A recent tribunal ruling has shed an intriguing light upon the concept of the so-called “gig economy”. In the recent decision, Uber drivers are classified under law as workers, with the same rights as those under traditional contractual employment. In practice, this would mean that they are entitled to annual leave and the minimum wage, and to rest breaks under the Working Time Directive regulations. This has been viewed by many as a benchmark for the way that the increasing numbers of freelance or casual workers are likely to be treated under employment law in the future.

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This high-profile class action lawsuit drew attention to the rift in the gig economy. Uber regarded its drivers as self-employed freelancers. They saw themselves as workers who should enjoy the same benefits as salaried employees. The decision was finalised at the end of October, but the case was actually heard back in July. Employment law practitioners, legal experts, business owners and freelance workers across the country have been eagerly awaiting the result, which will prove one of the most important rulings to be made regarding the status of gig economy workers in years to come.

For many decades, long before the idea of a gig economy surfaced, the courts have been dealing with cases aiming to clarify whether there should be a distinction in law between self-employed workers and contractual employees. The debate over what comprises self-employment and what constitutes traditional salaried employment is nothing new, of course. Many of these debates hark back to the early industrial revolution with ribbon weavers and other cottage industry workers, who were in fact totally dependent upon one large employer.

Uber advertises itself as a platform which links independent drivers with customers who want to hire a private car. It employs 30,000 drivers in London alone, and is now a multinational company with hubs across the globe. Like many gig economy pioneers, Uber uses a smartphone app to connect providers with customers. The carrot it dangles for drivers is flexibility, with the slogan “work for yourself, drive when you want, make the money you need”. However, in practice, the workers have argued that they have to work very long hours with Uber to make ends meet. They have found that in reality it is difficult to turn work down, and that Uber is aware that its drivers are dependent on them, in a similar way to a salaried employee might be.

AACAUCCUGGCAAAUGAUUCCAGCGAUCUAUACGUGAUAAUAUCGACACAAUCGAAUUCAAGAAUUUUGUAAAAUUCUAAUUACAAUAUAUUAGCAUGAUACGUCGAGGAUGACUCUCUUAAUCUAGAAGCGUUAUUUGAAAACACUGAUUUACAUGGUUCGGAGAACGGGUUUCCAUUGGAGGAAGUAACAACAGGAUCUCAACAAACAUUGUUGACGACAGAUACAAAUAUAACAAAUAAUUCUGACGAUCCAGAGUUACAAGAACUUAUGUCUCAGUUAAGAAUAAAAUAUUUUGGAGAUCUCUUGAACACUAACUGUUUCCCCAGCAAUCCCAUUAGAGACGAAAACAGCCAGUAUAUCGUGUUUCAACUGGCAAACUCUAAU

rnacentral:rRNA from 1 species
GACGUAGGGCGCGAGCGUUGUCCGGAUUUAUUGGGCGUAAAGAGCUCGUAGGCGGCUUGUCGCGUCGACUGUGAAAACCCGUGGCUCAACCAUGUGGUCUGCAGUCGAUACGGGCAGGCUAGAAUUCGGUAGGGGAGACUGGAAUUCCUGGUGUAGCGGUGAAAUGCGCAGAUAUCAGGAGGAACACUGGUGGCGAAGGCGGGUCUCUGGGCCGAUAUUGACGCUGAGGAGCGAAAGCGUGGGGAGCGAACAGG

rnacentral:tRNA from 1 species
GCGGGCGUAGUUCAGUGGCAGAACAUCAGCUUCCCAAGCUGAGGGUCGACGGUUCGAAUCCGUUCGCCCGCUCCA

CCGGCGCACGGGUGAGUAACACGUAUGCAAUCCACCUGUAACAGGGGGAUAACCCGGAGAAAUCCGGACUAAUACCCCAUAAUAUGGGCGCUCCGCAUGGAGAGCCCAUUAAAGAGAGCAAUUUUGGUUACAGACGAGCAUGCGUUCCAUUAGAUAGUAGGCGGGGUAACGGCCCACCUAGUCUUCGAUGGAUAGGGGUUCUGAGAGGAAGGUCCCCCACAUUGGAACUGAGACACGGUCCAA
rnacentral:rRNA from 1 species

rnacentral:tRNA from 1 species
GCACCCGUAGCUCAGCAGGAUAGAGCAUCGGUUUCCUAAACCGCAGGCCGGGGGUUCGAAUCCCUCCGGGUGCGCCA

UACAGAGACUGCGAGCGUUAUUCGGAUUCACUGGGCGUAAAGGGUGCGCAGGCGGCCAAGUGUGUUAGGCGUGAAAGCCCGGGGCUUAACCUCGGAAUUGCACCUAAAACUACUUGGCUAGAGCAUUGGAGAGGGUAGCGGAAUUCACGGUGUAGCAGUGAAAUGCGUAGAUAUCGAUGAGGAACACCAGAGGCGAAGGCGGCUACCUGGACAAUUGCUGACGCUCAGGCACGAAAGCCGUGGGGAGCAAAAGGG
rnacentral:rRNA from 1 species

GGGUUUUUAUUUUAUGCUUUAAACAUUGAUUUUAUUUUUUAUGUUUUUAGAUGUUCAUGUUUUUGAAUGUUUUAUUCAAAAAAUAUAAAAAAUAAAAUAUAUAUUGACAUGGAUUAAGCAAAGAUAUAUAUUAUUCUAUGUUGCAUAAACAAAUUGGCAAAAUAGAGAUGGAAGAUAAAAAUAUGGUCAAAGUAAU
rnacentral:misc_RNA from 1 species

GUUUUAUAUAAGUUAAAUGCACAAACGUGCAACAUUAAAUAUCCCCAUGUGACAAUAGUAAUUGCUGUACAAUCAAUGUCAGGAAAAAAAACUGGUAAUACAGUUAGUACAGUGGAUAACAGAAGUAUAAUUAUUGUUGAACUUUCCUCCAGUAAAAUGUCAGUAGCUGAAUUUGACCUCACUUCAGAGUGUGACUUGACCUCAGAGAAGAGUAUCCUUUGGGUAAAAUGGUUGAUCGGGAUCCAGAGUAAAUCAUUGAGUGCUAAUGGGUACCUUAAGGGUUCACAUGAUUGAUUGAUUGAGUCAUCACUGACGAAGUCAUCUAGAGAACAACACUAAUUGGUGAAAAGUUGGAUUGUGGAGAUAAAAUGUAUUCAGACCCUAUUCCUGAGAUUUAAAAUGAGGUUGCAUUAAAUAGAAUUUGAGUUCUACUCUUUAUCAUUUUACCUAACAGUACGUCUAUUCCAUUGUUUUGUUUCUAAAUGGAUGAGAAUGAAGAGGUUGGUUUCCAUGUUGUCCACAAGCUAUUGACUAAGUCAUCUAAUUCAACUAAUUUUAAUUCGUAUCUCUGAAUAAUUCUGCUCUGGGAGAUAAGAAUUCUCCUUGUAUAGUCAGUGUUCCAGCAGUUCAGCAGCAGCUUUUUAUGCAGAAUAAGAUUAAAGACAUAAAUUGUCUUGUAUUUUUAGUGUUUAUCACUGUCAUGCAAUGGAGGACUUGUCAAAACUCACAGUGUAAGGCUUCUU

Lawyers from Leigh Day, who represented the drivers, have since commented that Uber has built its global reputation on the extreme hard work of its dedicated drivers, and as such, it has no right to deny them basic employment rights. Maria Ludkin, legal director at the GMB union has used the term “bogus self-employment” to describe the status of many gig economy workers. She has urged freelancers who are being directed by an employer who refuses to recognise their basic rights to unionise and fight for equal status and the benefits that other workers enjoy.

The impact on businesses is likely to be huge, affecting similar companies like Deliveroo, who has already tried to introduce a contractual clause prohibiting legal challenges to employment status. It is highly likely that Uber will appeal the decision, since it is so detrimental to its business model, and because the decision will be so far reaching that the implications for the gig economy could be dramatic.

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